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Investors in Nielsen Holdings (NYSE:NLSN) have unfortunately lost 48% over the last five years

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Ideally, your overall portfolio should beat the market average. But the main game is to find enough winners to more than offset the losers At this point some shareholders may be questioning their investment in Nielsen Holdings plc (NYSE:NLSN), since the last five years saw the share price fall 56%. Shareholders have had an even rougher run lately, with the share price down 19% in the last 90 days.

It's worthwhile assessing if the company's economics have been moving in lockstep with these underwhelming shareholder returns, or if there is some disparity between the two. So let's do just that.

See our latest analysis for Nielsen Holdings

To paraphrase Benjamin Graham: Over the short term the market is a voting machine, but over the long term it's a weighing machine. One flawed but reasonable way to assess how sentiment around a company has changed is to compare the earnings per share (EPS) with the share price.

Nielsen Holdings became profitable within the last five years. That would generally be considered a positive, so we are surprised to see the share price is down. Other metrics might give us a better handle on how its value is changing over time.

The modest 1.2% dividend yield is unlikely to be guiding the market view of the stock. The revenue decline of 1.8% isn't too bad. But if the market expected durable top line growth, then that could explain the share price weakness.

You can see below how earnings and revenue have changed over time (discover the exact values by clicking on the image).

earnings-and-revenue-growth
earnings-and-revenue-growth

We consider it positive that insiders have made significant purchases in the last year. Having said that, most people consider earnings and revenue growth trends to be a more meaningful guide to the business. You can see what analysts are predicting for Nielsen Holdings in this interactive graph of future profit estimates.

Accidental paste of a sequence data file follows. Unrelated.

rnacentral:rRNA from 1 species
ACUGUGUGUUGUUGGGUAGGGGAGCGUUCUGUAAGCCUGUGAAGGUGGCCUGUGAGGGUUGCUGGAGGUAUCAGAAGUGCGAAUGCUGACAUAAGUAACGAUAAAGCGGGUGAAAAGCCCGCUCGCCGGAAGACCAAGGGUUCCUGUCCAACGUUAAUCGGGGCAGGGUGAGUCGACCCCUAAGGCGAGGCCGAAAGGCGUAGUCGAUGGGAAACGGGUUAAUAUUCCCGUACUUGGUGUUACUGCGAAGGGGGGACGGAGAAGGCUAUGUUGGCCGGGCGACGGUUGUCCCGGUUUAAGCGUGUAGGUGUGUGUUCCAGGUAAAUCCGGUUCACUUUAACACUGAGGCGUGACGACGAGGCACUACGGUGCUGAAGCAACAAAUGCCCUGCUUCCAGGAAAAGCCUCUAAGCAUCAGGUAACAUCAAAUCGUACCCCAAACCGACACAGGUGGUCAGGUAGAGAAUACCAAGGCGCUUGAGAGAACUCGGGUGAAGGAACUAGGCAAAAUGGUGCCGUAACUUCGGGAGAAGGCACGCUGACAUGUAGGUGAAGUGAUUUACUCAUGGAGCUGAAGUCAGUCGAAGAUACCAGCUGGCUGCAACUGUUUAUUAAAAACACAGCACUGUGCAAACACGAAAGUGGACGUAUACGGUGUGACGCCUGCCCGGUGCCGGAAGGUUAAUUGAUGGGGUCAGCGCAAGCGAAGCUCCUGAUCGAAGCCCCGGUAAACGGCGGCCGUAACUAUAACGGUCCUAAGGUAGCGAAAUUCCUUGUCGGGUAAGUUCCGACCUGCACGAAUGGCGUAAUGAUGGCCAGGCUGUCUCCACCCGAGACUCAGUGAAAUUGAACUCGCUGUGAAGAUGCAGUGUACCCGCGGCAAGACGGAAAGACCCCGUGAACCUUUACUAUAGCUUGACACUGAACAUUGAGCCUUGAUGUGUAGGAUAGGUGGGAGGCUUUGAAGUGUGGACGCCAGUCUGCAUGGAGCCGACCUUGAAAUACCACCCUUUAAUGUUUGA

What About Dividends?

As well as measuring the share price return, investors should also consider the total shareholder return (TSR). Whereas the share price return only reflects the change in the share price, the TSR includes the value of dividends (assuming they were reinvested) and the benefit of any discounted capital raising or spin-off. So for companies that pay a generous dividend, the TSR is often a lot higher than the share price return. In the case of Nielsen Holdings, it has a TSR of -48% for the last 5 years. That exceeds its share price return that we previously mentioned. The dividends paid by the company have thusly boosted the total shareholder return.

A Different Perspective

It's good to see that Nielsen Holdings has rewarded shareholders with a total shareholder return of 40% in the last twelve months. That's including the dividend. Notably the five-year annualised TSR loss of 8% per year compares very unfavourably with the recent share price performance. We generally put more weight on the long term performance over the short term, but the recent improvement could hint at a (positive) inflection point within the business. I find it very interesting to look at share price over the long term as a proxy for business performance. But to truly gain insight, we need to consider other information, too. To that end, you should learn about the 2 warning signs we've spotted with Nielsen Holdings (including 1 which can't be ignored) .

There are plenty of other companies that have insiders buying up shares. You probably do not want to miss this free list of growing companies that insiders are buying.

Please note, the market returns quoted in this article reflect the market weighted average returns of stocks that currently trade on US exchanges.

This article by Simply Wall St is general in nature. We provide commentary based on historical data and analyst forecasts only using an unbiased methodology and our articles are not intended to be financial advice. It does not constitute a recommendation to buy or sell any stock, and does not take account of your objectives, or your financial situation. We aim to bring you long-term focused analysis driven by fundamental data. Note that our analysis may not factor in the latest price-sensitive company announcements or qualitative material. Simply Wall St has no position in any stocks mentioned.

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